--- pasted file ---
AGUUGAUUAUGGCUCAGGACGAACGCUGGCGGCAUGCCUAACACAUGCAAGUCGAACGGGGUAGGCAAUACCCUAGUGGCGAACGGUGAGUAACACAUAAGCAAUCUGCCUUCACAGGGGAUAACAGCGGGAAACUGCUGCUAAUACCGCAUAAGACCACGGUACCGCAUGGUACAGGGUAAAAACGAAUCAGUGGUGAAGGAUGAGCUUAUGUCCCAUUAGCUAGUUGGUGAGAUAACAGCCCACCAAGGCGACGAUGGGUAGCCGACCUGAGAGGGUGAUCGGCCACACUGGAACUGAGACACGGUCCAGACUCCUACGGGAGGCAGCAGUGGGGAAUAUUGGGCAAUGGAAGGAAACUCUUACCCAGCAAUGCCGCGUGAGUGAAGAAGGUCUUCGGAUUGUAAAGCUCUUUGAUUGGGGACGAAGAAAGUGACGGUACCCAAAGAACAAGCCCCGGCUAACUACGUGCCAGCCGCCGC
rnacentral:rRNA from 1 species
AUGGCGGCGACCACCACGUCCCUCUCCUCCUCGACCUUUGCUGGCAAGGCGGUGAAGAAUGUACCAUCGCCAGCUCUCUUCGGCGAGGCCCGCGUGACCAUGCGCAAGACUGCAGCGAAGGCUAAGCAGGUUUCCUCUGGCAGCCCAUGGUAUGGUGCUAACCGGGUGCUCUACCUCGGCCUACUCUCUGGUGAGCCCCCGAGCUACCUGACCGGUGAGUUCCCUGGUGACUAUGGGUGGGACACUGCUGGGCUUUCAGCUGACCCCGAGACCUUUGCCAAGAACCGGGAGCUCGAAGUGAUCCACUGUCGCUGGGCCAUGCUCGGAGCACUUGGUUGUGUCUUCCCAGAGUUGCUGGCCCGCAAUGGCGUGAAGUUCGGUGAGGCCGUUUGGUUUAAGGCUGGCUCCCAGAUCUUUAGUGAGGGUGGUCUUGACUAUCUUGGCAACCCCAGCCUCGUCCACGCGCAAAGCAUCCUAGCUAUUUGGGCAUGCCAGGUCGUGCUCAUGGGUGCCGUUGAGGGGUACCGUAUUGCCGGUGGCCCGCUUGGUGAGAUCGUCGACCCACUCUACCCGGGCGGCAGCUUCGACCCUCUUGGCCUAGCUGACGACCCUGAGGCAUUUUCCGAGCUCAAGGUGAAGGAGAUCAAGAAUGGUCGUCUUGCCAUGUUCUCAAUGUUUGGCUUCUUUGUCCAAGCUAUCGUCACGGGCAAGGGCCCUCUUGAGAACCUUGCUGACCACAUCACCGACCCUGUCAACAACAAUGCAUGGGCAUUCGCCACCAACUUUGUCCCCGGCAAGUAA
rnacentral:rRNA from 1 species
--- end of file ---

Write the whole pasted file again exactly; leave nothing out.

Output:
AGUUGAUUAUGGCUCAGGACGAACGCUGGCGGCAUGCCUAACACAUGCAAGUCGAACGGGGUAGGCAAUACCCUAGUGGCGAACGGUGAGUAACACAUAAGCAAUCUGCCUUCACAGGGGAUAACAGCGGGAAACUGCUGCUAAUACCGCAUAAGACCACGGUACCGCAUGGUACAGGGUAAAAACGAAUCAGUGGUGAAGGAUGAGCUUAUGUCCCAUUAGCUAGUUGGUGAGAUAACAGCCCACCAAGGCGACGAUGGGUAGCCGACCUGAGAGGGUGAUCGGCCACACUGGAACUGAGACACGGUCCAGACUCCUACGGGAGGCAGCAGUGGGGAAUAUUGGGCAAUGGAAGGAAACUCUUACCCAGCAAUGCCGCGUGAGUGAAGAAGGUCUUCGGAUUGUAAAGCUCUUUGAUUGGGGACGAAGAAAGUGACGGUACCCAAAGAACAAGCCCCGGCUAACUACGUGCCAGCCGCCGC
rnacentral:rRNA from 1 species
AUGGCGGCGACCACCACGUCCCUCUCCUCCUCGACCUUUGCUGGCAAGGCGGUGAAGAAUGUACCAUCGCCAGCUCUCUUCGGCGAGGCCCGCGUGACCAUGCGCAAGACUGCAGCGAAGGCUAAGCAGGUUUCCUCUGGCAGCCCAUGGUAUGGUGCUAACCGGGUGCUCUACCUCGGCCUACUCUCUGGUGAGCCCCCGAGCUACCUGACCGGUGAGUUCCCUGGUGACUAUGGGUGGGACACUGCUGGGCUUUCAGCUGACCCCGAGACCUUUGCCAAGAACCGGGAGCUCGAAGUGAUCCACUGUCGCUGGGCCAUGCUCGGAGCACUUGGUUGUGUCUUCCCAGAGUUGCUGGCCCGCAAUGGCGUGAAGUUCGGUGAGGCCGUUUGGUUUAAGGCUGGCUCCCAGAUCUUUAGUGAGGGUGGUCUUGACUAUCUUGGCAACCCCAGCCUCGUCCACGCGCAAAGCAUCCUAGCUAUUUGGGCAUGCCAGGUCGUGCUCAUGGGUGCCGUUGAGGGGUACCGUAUUGCCGGUGGCCCGCUUGGUGAGAUCGUCGACCCACUCUACCCGGGCGGCAGCUUCGACCCUCUUGGCCUAGCUGACGACCCUGAGGCAUUUUCCGAGCUCAAGGUGAAGGAGAUCAAGAAUGGUCGUCUUGCCAUGUUCUCAAUGUUUGGCUUCUUUGUCCAAGCUAUCGUCACGGGCAAGGGCCCUCUUGAGAACCUUGCUGACCACAUCACCGACCCUGUCAACAACAAUGCAUGGGCAUUCGCCACCAACUUUGUCCCCGGCAAGUAA
rnacentral:rRNA from 1 species